The Minimum Wage and the Wage Distribution in Portugal
Abstract: Raising the minimum wage can reshape the wage distribution. In Portugal, a sustained rise in the minimum wage over 13 years coincided with a decline in inequality that was equivalent to the US increase in inequality of the 1980s and 90s. Using a semiparametric approach, counterfactual decomposition methods, and an extremely rich administrative dataset of all employees in the country, this paper presents significant visual and quantitative evidence of how changes in the minimum wage shaped the wage distribution over the last three decades. The remarkable minimum wage rise of 2006-19 triggered a compression of the lower half of the wage distribution that was equivalent to the full decline in wage inequality. The rise explained 40% of average wage growth. Spillover effects generated wage gains up to the 54th percentile, explaining more than half of this inequality-reducing effect. Like in many European countries, most workers benefit from collectively bargained wage floors above the national minimum. Wage floors did not react to the rising minimum wage but firms proactively raised wages higher up in the distribution in order to maintain job title premiums, suggesting that spillovers were not contingent on a heavily institutionalised labour market.
A Modern Excess Profit Tax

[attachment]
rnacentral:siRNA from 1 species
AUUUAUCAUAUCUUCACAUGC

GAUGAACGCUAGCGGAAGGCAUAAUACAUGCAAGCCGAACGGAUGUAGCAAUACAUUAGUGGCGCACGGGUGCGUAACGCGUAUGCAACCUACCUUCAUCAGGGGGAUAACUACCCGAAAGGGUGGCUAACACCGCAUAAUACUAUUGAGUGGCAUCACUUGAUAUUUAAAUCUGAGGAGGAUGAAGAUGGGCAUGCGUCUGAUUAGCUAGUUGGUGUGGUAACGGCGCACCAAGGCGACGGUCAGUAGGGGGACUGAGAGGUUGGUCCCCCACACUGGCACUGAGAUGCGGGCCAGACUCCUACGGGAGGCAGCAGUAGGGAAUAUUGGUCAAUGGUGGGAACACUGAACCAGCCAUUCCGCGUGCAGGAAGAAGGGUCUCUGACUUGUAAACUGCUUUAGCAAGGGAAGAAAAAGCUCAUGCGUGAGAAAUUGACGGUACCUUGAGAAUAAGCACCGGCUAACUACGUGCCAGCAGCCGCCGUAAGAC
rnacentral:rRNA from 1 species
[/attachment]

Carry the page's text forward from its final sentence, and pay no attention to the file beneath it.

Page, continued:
Abstract: This paper presents a new way to tax excess profits. We propose to tax the rise in the stock market capitalization of companies that benefit from extraordinary circumstances, such as energy firms following the invasion of Ukraine in February 2022. Targeting the rise in stock market capitalization (which is easily observable) makes the tax much harder to avoid than standard excess profit taxes, and allows to capture rents irrespective of where multinational companies book their profits. We apply this proposal to energy companies that are headquartered or have sales in the European Union. We estimate that taxing the January 2022 to September 2022 valuation gains of energy firms at a rate of 33% would generate around €80 billion in revenue (0.4% of GDP) for the European Union. We discuss implementation practicalities and compare our proposals to other plans made to tax excess profits.